University of Minnesota
University of Minnesota

Winter Emerging Midges, Early Warning Indicators for Climate Change? A River Atlas Feature

Winter Sampling for Midges at the Root River, Fillmore County, MinnesotaRiver Life’s River Atlas is a project that we use to spatially tell the story of the river, its people, and its places.  On this atlas, we put points that we think are interesting or important and our best content is submitted by colleagues from other programs. That’s always far more interesting than what we can come up with on our own.

One particular point on our River Atlas that we’ve always found compelling is the one authored by Dr. Alyssa Anderson, then of the Chironomid Research Group here at the University of Minnesota.  She describes, unflinchingly, the heroic measures that she and her colleagues go to to study chironomids, the winter-hardy midges that are essential winter food to our beloved trout, and may be proverbial canaries in the coal mine when it comes to climate change in the region.

Click on the point in the River Atlas below to enjoy, or visit the River Atlas page on the website to explore the rest of our content.

View the comprehensive map, full-screen or view a searchable map, expanded view.

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  1. Colm BarryAugust 12, 2014 at 7:32 am

    What I don’t quite get is: what exactly to you is climate change in this respect? That the climate changes no one would dispute although I once knew an executive who prided himself on not even owning an overcoat as he could walk into the garage in his house, drive to work to his own private already climatized executive parking spot in the executive’s garage at work, take the elevator and never be exposed to heat or snow anytime he commuted. I’m sure he’s either dead or seriously ill by now as change of climate and weather as well as night and day is what our bodies need to function. But back to the midges: seeing we had a hiatus of almost twenty years in global warming (and if the surplus heat went into the deep oceans – then at least it also is not in that part of that particular river?), what exactly are the “canaries” a proxy measure of in terms of climate change? Please don’t get me wrong, I am no camp and have no axe to grind but try to understand. But more and more frequently in this loaded discussion people are throwing verbiage around whereby “this and that” is a sign of “this and that”. To me this sounds a bit scientifically devoid of meaning.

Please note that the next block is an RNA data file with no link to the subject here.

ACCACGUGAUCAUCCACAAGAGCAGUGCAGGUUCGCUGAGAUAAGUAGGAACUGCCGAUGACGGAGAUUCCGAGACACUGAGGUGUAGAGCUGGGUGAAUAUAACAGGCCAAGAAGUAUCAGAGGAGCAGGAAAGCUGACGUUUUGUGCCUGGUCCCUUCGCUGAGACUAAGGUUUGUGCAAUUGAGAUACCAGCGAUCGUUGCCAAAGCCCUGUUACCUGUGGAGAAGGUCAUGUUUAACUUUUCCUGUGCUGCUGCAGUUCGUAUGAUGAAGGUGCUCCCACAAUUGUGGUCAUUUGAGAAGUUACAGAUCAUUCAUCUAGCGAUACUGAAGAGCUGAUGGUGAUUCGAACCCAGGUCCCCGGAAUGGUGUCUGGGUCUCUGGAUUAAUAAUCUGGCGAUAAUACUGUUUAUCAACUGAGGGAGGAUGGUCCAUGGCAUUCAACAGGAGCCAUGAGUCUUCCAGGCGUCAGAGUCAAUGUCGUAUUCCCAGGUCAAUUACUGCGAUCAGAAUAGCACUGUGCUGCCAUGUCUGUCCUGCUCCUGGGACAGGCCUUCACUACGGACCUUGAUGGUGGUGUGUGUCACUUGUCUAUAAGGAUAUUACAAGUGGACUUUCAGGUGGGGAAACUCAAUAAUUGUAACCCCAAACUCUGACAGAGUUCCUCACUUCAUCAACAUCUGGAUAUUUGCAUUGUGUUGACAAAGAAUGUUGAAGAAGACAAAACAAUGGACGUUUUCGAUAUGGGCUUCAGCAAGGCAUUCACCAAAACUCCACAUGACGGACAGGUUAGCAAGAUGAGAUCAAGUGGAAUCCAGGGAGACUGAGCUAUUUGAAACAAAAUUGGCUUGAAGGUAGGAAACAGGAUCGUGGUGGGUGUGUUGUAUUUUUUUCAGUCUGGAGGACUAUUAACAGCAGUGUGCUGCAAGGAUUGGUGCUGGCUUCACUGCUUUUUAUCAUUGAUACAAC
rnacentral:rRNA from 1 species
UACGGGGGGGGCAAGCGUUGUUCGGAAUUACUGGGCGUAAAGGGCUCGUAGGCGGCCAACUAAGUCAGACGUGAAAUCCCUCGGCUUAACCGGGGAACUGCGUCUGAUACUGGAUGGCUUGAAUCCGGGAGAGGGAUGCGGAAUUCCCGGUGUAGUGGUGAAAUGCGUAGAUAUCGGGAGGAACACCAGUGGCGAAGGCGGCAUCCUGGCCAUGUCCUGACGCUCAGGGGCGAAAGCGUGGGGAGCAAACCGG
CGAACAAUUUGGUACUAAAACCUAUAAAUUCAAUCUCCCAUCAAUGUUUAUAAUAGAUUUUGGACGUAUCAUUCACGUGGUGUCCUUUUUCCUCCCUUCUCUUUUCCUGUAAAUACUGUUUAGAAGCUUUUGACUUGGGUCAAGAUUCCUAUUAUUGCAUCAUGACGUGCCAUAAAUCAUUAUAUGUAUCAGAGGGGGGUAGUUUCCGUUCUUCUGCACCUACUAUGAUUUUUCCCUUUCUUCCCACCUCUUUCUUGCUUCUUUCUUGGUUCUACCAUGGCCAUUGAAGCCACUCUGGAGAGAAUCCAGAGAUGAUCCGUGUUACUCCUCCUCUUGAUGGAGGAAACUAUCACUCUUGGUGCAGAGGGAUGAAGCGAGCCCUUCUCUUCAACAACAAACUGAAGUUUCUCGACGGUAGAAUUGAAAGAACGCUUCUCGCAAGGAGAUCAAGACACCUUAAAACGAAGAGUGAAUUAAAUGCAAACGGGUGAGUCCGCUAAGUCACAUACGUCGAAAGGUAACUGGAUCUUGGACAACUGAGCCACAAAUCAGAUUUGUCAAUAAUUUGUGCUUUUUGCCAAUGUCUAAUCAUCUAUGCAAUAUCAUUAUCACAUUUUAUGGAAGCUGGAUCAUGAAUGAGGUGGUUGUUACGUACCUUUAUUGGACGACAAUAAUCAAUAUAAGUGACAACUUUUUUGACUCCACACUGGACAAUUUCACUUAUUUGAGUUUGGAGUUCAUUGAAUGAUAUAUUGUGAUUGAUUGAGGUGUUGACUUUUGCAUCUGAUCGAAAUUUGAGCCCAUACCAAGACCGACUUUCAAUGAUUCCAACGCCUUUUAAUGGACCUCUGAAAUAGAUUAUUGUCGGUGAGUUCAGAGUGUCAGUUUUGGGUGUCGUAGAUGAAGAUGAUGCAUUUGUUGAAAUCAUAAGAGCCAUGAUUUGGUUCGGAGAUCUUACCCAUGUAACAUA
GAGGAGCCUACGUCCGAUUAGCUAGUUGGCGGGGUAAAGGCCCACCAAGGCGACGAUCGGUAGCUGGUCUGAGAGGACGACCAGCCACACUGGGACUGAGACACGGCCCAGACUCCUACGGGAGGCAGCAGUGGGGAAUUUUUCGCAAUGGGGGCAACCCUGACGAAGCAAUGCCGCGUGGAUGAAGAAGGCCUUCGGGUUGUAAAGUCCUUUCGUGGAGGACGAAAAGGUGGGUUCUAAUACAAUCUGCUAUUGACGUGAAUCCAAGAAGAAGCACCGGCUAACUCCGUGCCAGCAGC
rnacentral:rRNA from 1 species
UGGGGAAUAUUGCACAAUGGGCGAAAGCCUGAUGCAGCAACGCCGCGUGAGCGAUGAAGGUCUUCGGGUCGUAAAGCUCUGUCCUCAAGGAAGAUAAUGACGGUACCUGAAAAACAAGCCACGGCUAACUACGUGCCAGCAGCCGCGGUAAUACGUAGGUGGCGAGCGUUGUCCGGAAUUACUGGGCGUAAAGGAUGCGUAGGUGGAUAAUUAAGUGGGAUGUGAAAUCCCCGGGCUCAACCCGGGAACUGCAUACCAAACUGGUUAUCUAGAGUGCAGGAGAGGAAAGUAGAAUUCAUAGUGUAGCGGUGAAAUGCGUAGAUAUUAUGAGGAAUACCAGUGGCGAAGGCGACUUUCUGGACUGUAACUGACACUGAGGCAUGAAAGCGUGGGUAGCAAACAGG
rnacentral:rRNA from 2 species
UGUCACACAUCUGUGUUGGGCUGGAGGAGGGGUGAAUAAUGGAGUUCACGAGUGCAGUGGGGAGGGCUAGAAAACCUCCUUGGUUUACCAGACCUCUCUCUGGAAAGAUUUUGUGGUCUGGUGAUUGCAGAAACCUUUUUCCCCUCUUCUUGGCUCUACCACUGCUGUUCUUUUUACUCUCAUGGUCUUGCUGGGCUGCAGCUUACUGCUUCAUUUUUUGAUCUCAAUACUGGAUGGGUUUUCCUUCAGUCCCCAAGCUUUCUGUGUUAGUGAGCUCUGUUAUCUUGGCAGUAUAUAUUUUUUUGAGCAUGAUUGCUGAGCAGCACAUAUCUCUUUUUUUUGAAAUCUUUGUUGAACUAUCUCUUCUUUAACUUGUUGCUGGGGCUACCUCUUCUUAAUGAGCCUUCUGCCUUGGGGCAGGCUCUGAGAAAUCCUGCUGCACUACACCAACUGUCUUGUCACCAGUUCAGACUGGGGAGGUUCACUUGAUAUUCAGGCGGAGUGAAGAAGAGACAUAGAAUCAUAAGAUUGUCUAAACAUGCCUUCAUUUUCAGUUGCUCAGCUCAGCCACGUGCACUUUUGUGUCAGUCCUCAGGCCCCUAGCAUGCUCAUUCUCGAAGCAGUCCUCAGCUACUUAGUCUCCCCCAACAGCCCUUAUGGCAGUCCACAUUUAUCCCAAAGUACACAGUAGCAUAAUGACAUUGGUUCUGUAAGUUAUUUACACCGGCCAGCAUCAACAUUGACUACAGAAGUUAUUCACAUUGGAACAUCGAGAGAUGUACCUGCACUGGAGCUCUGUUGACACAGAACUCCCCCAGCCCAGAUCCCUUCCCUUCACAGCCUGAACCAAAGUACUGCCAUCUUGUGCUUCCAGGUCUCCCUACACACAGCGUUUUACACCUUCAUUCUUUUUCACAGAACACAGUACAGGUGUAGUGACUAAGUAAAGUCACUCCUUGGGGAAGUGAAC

2. Joanne RichardsonAugust 13, 2014 at 11:05 amAuthor

    Colm, thank you for your comment! You bring up a very important question about the ways that we use language, and the pervasiveness of a phrase; in this case, the use of the phrase “canary in the coal mine” to reference the midge’s potential role as an indicator species in climate change.

    We are posting again soon on the topic of climate change, please do keep in touch as this discussion evolves.

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